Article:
Lastly, lets not forget that compatibility is not broken on a daily basis. Which means, if you want compatibility with 2.x you're going to stay on 2.x. If 3.x features are important to you, a minor port is likely. And that completely ignores that automated tools have been created which performs much if not most of the work for you. Plus, once you're o 3.x, chances are extremely high compatibility won't be an issue throughout the 3.x series.

So really, there isn't the least bit validity to you complaint - despite it being a common misconception.

Comment Re:seemed like we had many hydrogen fueled... (Score 1) 34

As others stated, they were not powered by hydrogen. And airship, such as the Hindenburg, had a very poor combination of elements which all but demanded disaster. For starters, because hydrogen is so small, requires a special coating to prevent it from escaping its rather large, cotton, bladders. Their solution? Coat the cotton airship with thermite.

You can read more about it here. Even Myth Busters did a segment on it which more or less confirms the thermite theory mentioned in Wikipedia's Hindenburg article. As a note, Myth Busters claims, "Busted", because it didn't meet their odd test requirements. Regardless of their bizarre conclusion, the combination of thermite, cotton, air, heat, and hydrogen, creates a literal tinderbox god, demanding human sacrifice.

Regardless of old world, lighter than air, airships, there is a huge difference between them and pressurized tanks feeding an engine.

Comment Re:What's next? (Score 1) 340

According to several Jewish Rabis on TV last night, she not only used the phrase correctly, but its use was not offensive unless you're idiot. They said it more PC than I did but the point remains.

I believe she has no place in politics. She doesn't seem to be well informed, just the same, far too many people seem to be on a irrational witch hunt which seems to highlight their own prejudices and ignorance more-so than hers.

Comment Re:yeah. well done. (Score 0) 222

Similarly, when Assange complained that journalists were violating his privacy by reporting the details of rape and molestation allegations against him in Sweden,

Which is extremely hypocritical of Assange given that when questioned about releasing private informant information in their first major war log release, his comment was basically, the ends justify the means. He further comments after additional questioning that what if people were killed because of his release and he more or less re-iterates the ends justify the means because people need to know. So basically, if what he does violates other's privacy or worse, gets people killed, its all okay because the public needs to know. Where as when anyone else does exactly what he's doing, its absolutely wrong and must be exposed.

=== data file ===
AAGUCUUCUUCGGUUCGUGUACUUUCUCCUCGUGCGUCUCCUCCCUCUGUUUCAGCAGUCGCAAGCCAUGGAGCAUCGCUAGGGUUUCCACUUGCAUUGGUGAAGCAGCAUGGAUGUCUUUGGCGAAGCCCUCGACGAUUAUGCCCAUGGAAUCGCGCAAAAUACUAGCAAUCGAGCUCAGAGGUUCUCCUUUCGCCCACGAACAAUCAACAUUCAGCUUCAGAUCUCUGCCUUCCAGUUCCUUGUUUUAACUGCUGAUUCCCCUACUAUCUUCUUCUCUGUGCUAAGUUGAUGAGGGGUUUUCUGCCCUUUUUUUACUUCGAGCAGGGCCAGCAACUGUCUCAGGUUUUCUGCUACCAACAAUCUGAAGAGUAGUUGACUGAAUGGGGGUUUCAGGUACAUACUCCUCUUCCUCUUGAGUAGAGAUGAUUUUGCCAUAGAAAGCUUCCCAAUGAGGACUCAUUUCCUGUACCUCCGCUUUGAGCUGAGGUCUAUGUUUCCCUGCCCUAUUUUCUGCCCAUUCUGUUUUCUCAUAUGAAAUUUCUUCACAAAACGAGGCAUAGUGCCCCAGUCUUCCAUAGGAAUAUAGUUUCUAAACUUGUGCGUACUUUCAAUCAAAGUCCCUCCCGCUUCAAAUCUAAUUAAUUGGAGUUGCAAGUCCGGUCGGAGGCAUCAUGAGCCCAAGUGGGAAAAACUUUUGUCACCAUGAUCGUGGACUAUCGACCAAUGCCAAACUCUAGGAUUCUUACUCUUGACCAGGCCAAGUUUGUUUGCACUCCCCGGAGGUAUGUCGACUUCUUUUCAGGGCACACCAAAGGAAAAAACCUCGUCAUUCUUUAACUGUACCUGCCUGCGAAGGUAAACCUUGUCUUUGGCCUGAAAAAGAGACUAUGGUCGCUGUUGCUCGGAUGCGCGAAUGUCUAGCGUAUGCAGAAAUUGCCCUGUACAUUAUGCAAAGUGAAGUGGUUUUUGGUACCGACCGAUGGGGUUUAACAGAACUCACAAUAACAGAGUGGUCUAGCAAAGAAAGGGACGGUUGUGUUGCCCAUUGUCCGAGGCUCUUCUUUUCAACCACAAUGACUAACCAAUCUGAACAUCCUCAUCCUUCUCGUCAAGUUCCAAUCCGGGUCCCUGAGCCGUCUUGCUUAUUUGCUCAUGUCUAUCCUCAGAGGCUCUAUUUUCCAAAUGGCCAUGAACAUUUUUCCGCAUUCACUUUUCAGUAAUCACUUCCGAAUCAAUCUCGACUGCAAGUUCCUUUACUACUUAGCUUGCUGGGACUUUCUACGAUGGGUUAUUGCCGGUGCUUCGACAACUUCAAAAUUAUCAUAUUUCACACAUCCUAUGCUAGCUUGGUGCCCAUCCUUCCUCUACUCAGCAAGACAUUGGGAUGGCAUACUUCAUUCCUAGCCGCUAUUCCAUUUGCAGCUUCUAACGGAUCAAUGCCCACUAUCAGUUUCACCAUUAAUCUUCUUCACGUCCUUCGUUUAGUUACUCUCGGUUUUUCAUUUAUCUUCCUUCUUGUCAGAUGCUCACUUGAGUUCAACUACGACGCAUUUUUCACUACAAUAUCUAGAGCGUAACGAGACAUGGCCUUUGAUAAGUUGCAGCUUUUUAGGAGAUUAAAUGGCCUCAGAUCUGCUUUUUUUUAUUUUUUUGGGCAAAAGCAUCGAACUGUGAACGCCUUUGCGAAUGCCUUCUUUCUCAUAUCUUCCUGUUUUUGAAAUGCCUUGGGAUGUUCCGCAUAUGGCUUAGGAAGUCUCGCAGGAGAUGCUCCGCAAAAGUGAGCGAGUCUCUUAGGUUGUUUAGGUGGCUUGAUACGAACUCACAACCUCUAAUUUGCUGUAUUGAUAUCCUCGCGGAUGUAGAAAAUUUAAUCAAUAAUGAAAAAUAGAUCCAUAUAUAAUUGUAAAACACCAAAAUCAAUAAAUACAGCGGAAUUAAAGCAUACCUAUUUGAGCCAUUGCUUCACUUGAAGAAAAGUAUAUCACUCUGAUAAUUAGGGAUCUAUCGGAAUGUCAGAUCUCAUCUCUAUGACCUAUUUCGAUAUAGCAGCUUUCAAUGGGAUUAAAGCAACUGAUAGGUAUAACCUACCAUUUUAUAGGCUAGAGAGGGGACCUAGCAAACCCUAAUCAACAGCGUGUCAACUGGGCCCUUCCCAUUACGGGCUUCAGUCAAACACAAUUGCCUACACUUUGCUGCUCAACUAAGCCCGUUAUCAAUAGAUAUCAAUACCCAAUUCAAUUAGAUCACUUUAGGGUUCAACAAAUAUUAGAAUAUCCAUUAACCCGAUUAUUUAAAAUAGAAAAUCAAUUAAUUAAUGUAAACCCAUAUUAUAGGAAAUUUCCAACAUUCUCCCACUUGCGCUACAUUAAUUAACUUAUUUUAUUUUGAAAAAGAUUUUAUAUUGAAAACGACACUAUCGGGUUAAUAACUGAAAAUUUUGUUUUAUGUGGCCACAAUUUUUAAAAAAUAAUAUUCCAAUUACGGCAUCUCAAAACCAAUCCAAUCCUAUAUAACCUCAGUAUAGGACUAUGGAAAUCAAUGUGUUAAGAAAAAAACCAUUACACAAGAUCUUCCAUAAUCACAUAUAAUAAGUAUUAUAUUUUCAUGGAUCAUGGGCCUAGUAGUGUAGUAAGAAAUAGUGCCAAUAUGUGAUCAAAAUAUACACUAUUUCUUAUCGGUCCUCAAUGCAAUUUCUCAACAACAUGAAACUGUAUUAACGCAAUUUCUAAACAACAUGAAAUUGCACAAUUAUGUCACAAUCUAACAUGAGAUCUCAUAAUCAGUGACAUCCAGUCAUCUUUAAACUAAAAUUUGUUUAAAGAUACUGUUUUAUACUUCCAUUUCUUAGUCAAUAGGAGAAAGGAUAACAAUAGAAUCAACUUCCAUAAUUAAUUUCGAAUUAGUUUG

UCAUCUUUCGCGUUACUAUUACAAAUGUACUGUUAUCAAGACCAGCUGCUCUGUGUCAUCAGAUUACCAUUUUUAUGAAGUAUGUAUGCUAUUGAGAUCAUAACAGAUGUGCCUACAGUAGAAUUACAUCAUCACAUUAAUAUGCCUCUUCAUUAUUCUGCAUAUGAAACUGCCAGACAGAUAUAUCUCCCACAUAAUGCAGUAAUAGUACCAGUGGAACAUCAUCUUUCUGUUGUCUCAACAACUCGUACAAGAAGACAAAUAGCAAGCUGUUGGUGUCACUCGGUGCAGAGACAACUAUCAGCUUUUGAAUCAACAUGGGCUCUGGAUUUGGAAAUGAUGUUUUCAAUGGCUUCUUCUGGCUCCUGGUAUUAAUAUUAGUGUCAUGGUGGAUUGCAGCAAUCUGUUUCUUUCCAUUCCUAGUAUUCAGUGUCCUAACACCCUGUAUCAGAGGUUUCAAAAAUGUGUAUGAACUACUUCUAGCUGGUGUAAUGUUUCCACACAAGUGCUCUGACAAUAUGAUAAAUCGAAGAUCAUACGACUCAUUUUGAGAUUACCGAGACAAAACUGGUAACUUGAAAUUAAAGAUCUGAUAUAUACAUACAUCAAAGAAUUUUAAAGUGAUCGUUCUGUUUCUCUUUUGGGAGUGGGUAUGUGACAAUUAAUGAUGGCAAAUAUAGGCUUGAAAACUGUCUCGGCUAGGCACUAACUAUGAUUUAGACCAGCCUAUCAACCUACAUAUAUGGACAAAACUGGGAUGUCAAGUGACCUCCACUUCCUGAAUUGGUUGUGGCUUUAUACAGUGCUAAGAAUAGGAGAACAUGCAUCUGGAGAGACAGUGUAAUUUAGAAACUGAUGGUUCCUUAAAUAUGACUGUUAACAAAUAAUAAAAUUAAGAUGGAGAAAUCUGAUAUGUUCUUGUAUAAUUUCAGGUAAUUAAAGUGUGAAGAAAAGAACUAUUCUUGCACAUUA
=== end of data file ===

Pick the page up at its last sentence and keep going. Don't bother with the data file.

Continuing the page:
You can see more, including Assange's quote, "Killing people is fun." Where he asserts the only reason people might be killed in a war zone is that playing video games is fun. War is much like playing a video game. Therefore, killing people is fun. So according to his own world view, "Killing people is fun." Assange is a hypocritical sociopath.

Comment Re:VSS All the Way (Score 1) 244

Couldn't agree more! I can't begin to tell you how much data I've lost with VSS. The worst thing is, you typically don't know or understand how completely boned you are until you actually attempt to check out your source.

Users who willingly use VSS have likely experienced some sort of de-evolution. I wouldn't be surprised if their knuckles actually drag the ground.

Comment Re:queue the lawsuit (Score 2, Funny) 141

I will point out that citing HP numbers is the absolute worst way to compare any two different engines. Horsepower, in of itself, is an almost useless metric for comparison of anything.

Horsepower numbers are a great concept used by magazines and manufacturers for people who generally don't know anything about engines or vehicles. Car and Driver is a great example. Its for people who know nothing about vehicles but want to pretend they do. If you know a religious Car and Driver reader, with few exceptions, you've identified a seriously pretentious, and almost completely ignorant, douche bag.

Comment Re:A few years notice? (Score 1) 391

Even slight error in observation will turn large in few years.

You don't get how small the errors can be in celestial observations. A few measurements over a few days do not yield accurate results. Measurements over years yield really accurate projections of the trajectory of the asteroid decades and sometimes centuries in advance.

Remember an asteroid that was going to hit Mars with around %1 probability?

No I don't. But keep in mind that such an asteroid would have a 99% chance of not hitting Mars. So doesn't support your case one way or the other.